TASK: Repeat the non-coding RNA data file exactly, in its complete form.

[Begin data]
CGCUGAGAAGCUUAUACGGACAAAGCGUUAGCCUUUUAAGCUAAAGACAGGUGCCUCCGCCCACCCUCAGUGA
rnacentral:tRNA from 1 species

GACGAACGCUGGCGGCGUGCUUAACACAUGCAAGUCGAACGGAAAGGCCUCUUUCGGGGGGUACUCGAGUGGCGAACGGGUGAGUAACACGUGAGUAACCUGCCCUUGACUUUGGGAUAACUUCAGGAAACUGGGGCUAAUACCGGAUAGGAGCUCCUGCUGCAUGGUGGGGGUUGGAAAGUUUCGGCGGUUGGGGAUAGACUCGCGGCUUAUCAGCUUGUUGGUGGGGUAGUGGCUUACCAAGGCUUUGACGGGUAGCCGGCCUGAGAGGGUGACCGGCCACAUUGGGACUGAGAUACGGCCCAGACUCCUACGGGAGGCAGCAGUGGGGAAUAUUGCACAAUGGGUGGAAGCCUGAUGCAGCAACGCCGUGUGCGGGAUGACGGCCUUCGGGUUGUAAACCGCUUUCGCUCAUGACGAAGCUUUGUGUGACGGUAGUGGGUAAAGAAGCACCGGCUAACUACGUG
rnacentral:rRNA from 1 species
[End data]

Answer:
CGCUGAGAAGCUUAUACGGACAAAGCGUUAGCCUUUUAAGCUAAAGACAGGUGCCUCCGCCCACCCUCAGUGA
rnacentral:tRNA from 1 species

GACGAACGCUGGCGGCGUGCUUAACACAUGCAAGUCGAACGGAAAGGCCUCUUUCGGGGGGUACUCGAGUGGCGAACGGGUGAGUAACACGUGAGUAACCUGCCCUUGACUUUGGGAUAACUUCAGGAAACUGGGGCUAAUACCGGAUAGGAGCUCCUGCUGCAUGGUGGGGGUUGGAAAGUUUCGGCGGUUGGGGAUAGACUCGCGGCUUAUCAGCUUGUUGGUGGGGUAGUGGCUUACCAAGGCUUUGACGGGUAGCCGGCCUGAGAGGGUGACCGGCCACAUUGGGACUGAGAUACGGCCCAGACUCCUACGGGAGGCAGCAGUGGGGAAUAUUGCACAAUGGGUGGAAGCCUGAUGCAGCAACGCCGUGUGCGGGAUGACGGCCUUCGGGUUGUAAACCGCUUUCGCUCAUGACGAAGCUUUGUGUGACGGUAGUGGGUAAAGAAGCACCGGCUAACUACGUG
rnacentral:rRNA from 1 species